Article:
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Jason Watson
Determination breeds success

Mark Souster meets an up and coming star is aiming to make the most of his second chance


In many ways Jason Watson knows just how lucky he is.


Firstly, the teenager is pursuing his dream as a jockey, secondly he has landed a plum job with Roger Charlton to continue his rapid development and thirdly and perhaps most importantly he appreciates that it could so easily have all been taken away in an instant after a crashing fall at Kempton Park in January.


His horse stumbled and he was thrown to the ground at 30 mph. He suffered four fractured vertebrae, three in his neck and one in his spine. “I was very lucky,” Watson, last year’s champion apprentice, admits.


“It could have been a lot worse. All jockeys go into the industry knowing that it will not be plain sailing and that these things can happen is always in the back of your mind,” he continues. “But of all the possible injuries I never pictured my back and neck being damaged.”


After three months of recovery and an intensive five day a week rehabilitation programme at Oaksey House in Lambourn he returned to the saddle at the end of March.


For an ambitious young man in a hurry the injury was a source of frustration. It interrupted the youngster’s stellar upward trajectory after an unbelievable 2018 in which he rode 111 winners, including the Stewards' Cup at Goodwood for Hugo Palmer aboard Gifted Master.



He also won his first Group One race in Italy for Luca Cumani and a big race in Qatar. He won the apprentice jockey’s championship easily and his head-turning feats attracted the attention of trainer Charlton, whose subsequent offer came out of the blue.


“I am delighted that he thought of me,” Watson adds. “It came as a bit of a shock to have such a well-established and successful trainer who has been around for many years to decide to come to me. I hope that I proved to myself and showed I had it in me. It is a great position to be in.


“I am pleased I got back as quickly as I did. It was great to get straight into the new job. I am getting on well with the Guv’nor and all the staff. It is a brilliant place to be and I am learning lots every day. And he has some very nice horses. It is a great yard to be in.”


Watson may only be in his first year as a fully fledged professional rider but he has targets and ambitions. “I want to ride as many winners as I can for as many trainers as I can for everyone who has supported me. I definitely want to please my Guv’nor and do him proud and prove to him that he has made the right decision.”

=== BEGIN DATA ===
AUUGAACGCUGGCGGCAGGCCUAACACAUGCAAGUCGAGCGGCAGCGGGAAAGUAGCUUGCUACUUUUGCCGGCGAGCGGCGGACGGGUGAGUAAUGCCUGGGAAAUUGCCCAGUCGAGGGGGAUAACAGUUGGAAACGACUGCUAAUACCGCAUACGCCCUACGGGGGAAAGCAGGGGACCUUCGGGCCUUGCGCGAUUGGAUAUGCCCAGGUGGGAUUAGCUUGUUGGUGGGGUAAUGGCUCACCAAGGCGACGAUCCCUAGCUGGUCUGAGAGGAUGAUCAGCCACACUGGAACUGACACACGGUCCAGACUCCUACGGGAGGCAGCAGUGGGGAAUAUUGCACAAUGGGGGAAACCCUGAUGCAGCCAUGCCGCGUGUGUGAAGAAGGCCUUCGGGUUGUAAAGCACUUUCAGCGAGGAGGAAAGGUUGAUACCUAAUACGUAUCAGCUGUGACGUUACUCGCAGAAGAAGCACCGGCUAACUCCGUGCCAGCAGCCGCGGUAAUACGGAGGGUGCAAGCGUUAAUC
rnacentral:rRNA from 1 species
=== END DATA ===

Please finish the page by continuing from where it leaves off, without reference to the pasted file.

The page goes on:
Being in the spotlight has had advantages. The old clapped out VW polo has made way for a new Mercedes and a part time driver as he continues his relentless pursuit of success. “After last year I had 700 odd rides and it was tough. I have taken a part time driver on. It is non- stop.”


"You could be a jockey one day"


Watson’s family background did not suggest he would choose riding as a career.


Born in Brighton, his father is a postman. But, supported by his parents he left school at 13 having started at a local riding school at the age of six.


It was run by Ray Goldstein, the former Jump jockey. “Straight after that first lesson Ray said to me, ‘You could be a jockey one day’. It is the sort of encouragement you need. I didn’t look back from that moment.”


He spent 18 months with Jumps trainer Gary Moore, then at 16, switched to Flat trainer Andrew Balding, whose yard is regarded as one of the best ‘apprentice academies’ in Britain boasting Oisin Murphy and William Buick as alumni.


“If it wasn’t for my parents, Mr Balding, John Reid (his jockey coach) and Ray Goldstein I would not be here,” he said.


“You can ask my parents, I’ve always had my career planned out. Becoming Champion Apprentice has always been part of that plan. To do that from a yard like Andrew Balding’s, which is renowned for producing some great apprentices I felt I had to achieve that goal. To then accomplish it was very important to me.”


Watson believes he has blazed a trail for others who might fancy a career in the sport but perhaps do not know where to begin. He has shown that dedication hard work and talent can be rewarded.


“I would like to think younger people who want to get into the sport can see from what I’ve done that it is possible, even if you are not from a racing background. I’m lucky that my family has always backed me. Mum always has her worries as mums do. But I am pleased I have made them proud.”


If he continues his upward career trajectory it won’t only be his family who will be watching on proudly.

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